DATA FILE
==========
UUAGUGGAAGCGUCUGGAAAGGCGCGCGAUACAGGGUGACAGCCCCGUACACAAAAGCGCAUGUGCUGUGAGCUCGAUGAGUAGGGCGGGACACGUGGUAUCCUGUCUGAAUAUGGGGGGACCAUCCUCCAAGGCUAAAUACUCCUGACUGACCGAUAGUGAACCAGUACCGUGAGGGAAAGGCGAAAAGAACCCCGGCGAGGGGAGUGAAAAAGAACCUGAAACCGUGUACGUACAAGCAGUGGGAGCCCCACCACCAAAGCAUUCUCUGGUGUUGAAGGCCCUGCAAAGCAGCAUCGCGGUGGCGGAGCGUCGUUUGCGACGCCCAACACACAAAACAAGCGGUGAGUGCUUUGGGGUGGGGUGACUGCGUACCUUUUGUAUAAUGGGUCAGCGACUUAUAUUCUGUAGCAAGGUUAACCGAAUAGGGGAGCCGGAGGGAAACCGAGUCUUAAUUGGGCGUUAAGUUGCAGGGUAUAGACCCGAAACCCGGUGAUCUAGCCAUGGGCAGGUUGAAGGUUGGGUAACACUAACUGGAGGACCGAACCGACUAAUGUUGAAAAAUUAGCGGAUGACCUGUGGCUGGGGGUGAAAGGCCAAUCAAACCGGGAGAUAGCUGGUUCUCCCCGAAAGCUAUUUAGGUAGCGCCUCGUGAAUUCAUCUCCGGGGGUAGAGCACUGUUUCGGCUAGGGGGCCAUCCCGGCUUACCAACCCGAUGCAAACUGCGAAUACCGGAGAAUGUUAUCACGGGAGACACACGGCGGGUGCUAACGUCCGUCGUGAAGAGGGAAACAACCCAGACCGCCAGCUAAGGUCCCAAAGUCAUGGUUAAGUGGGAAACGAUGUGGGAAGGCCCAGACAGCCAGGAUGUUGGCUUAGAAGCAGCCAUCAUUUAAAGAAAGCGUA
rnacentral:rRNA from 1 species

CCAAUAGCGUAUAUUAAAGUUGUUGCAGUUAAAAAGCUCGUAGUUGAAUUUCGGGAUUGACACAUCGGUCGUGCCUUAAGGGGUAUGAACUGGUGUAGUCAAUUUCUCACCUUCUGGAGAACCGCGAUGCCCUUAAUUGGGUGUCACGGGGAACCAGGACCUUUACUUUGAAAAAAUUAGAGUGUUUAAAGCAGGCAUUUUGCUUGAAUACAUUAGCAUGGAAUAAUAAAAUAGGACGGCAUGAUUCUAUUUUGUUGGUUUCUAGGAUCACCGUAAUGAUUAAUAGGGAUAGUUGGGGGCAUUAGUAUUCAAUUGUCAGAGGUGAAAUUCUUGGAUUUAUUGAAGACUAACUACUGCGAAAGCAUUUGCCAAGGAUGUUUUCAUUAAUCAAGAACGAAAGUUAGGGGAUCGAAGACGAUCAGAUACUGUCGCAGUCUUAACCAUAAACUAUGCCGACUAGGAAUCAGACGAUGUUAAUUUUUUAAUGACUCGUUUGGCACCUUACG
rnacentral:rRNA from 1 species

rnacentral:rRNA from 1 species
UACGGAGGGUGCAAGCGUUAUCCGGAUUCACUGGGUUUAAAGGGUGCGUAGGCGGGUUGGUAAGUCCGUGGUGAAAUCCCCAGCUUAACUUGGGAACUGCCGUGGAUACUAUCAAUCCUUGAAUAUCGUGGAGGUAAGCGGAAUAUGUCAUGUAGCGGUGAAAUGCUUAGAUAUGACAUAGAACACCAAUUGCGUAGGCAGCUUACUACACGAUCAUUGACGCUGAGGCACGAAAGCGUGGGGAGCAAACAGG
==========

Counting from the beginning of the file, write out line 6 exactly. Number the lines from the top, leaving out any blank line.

UACGGAGGGUGCAAGCGUUAUCCGGAUUCACUGGGUUUAAAGGGUGCGUAGGCGGGUUGGUAAGUCCGUGGUGAAAUCCCCAGCUUAACUUGGGAACUGCCGUGGAUACUAUCAAUCCUUGAAUAUCGUGGAGGUAAGCGGAAUAUGUCAUGUAGCGGUGAAAUGCUUAGAUAUGACAUAGAACACCAAUUGCGUAGGCAGCUUACUACACGAUCAUUGACGCUGAGGCACGAAAGCGUGGGGAGCAAACAGG